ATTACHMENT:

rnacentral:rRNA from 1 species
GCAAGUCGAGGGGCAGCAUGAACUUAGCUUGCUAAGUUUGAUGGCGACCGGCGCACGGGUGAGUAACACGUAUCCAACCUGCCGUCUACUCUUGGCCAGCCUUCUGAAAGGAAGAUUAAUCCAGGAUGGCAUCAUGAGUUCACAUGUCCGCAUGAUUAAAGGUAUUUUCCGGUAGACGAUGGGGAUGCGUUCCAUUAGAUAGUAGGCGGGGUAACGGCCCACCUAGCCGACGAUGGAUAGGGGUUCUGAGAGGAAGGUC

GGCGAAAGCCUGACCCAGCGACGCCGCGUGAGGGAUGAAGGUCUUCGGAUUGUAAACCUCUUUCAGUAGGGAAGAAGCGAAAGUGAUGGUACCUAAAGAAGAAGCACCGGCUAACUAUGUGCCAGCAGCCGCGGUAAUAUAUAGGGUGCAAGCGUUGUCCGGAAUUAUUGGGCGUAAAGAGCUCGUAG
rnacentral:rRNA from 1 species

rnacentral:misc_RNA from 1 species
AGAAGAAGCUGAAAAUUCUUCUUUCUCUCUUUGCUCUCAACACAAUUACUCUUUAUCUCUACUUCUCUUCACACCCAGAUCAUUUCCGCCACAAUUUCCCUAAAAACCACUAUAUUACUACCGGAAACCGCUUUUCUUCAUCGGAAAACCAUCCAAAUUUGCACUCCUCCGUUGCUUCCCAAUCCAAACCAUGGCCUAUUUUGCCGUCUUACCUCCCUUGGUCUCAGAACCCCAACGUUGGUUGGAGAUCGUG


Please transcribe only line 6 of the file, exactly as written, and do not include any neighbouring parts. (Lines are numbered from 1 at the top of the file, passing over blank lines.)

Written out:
AGAAGAAGCUGAAAAUUCUUCUUUCUCUCUUUGCUCUCAACACAAUUACUCUUUAUCUCUACUUCUCUUCACACCCAGAUCAUUUCCGCCACAAUUUCCCUAAAAACCACUAUAUUACUACCGGAAACCGCUUUUCUUCAUCGGAAAACCAUCCAAAUUUGCACUCCUCCGUUGCUUCCCAAUCCAAACCAUGGCCUAUUUUGCCGUCUUACCUCCCUUGGUCUCAGAACCCCAACGUUGGUUGGAGAUCGUG